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Racism Postcolonialism Europe$
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Graham Huggan and Ian Law

Print publication date: 2009

Print ISBN-13: 9781846312199

Published to Liverpool Scholarship Online: June 2013

DOI: 10.5949/UPO9781846315626

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Xenophobia, anti-Semitism and feminist activism in eastern Europe: a case study of Romania1

Xenophobia, anti-Semitism and feminist activism in eastern Europe: a case study of Romania1

Chapter:
(p.39) Chapter 3 Xenophobia, anti-Semitism and feminist activism in eastern Europe: a case study of Romania1
Source:
Racism Postcolonialism Europe
Author(s):

Elisabeta Zelinka

Publisher:
Liverpool University Press
DOI:10.5949/liverpool/9781846312199.003.0003

This chapter focuses on the ‘concentrationary legacies’ of state totalitarianism in Europe in the context of institutionalised anti-Semitism in contemporary Romania. It argues that anti-Semitism in present-day Romania does not yet approximate the anti-Semitism of the 1930s, when it prospered as a direct result of Nazi propaganda, but continues to be a major problem which is difficult to contain within mainstream Romanian society. The chapter looks at attempts, with a particular emphasis on feminist activism, to fight residual or emergent anti-Semitism and xenophobia in Romania, for example by introducing educational programs designed to tackle the everyday problems facing Jews, especially Jewish women, in Romanian society. It considers Romania's admission to the European Union as an opportunity to contain institutionalised racism in accordance with imposed political and economic agendas, but contends that it may take years, even decades, before the status quo can be altered due to the deep-rooted sexist, homophobic, and anti-Semitic discourses in today's Romanian society.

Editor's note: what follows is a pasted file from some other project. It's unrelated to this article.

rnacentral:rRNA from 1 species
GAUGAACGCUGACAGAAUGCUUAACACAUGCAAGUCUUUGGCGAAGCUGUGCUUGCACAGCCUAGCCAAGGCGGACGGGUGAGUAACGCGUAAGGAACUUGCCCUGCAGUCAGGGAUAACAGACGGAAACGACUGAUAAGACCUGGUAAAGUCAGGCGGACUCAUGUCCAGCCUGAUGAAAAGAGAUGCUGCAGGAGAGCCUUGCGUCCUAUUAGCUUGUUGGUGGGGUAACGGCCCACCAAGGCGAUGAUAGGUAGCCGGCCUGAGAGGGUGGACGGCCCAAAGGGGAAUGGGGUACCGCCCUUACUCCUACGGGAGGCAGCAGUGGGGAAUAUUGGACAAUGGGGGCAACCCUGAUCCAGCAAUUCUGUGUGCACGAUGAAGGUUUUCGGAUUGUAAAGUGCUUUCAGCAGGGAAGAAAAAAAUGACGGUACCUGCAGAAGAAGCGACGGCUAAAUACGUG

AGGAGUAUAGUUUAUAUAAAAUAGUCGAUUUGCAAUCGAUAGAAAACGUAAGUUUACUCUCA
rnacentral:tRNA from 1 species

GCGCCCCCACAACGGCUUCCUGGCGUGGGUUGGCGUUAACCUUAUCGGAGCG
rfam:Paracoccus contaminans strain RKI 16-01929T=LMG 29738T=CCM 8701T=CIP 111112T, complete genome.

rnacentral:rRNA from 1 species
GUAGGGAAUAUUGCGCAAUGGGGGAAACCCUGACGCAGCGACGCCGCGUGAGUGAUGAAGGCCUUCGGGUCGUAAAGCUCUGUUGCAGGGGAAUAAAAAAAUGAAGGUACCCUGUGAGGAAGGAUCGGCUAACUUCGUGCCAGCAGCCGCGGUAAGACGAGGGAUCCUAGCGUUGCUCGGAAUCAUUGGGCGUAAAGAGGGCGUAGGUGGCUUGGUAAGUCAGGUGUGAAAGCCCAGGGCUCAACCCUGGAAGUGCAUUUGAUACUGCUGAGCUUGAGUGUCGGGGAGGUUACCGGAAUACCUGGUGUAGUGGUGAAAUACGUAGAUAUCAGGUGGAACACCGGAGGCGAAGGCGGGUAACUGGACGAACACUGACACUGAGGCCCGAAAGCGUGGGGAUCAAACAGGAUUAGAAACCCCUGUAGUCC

Keywords:   Romania, totalitarianism, anti-Semitism, xenophobia, Jews, racism, European Union, feminist activism, Europe, concentrationary legacies

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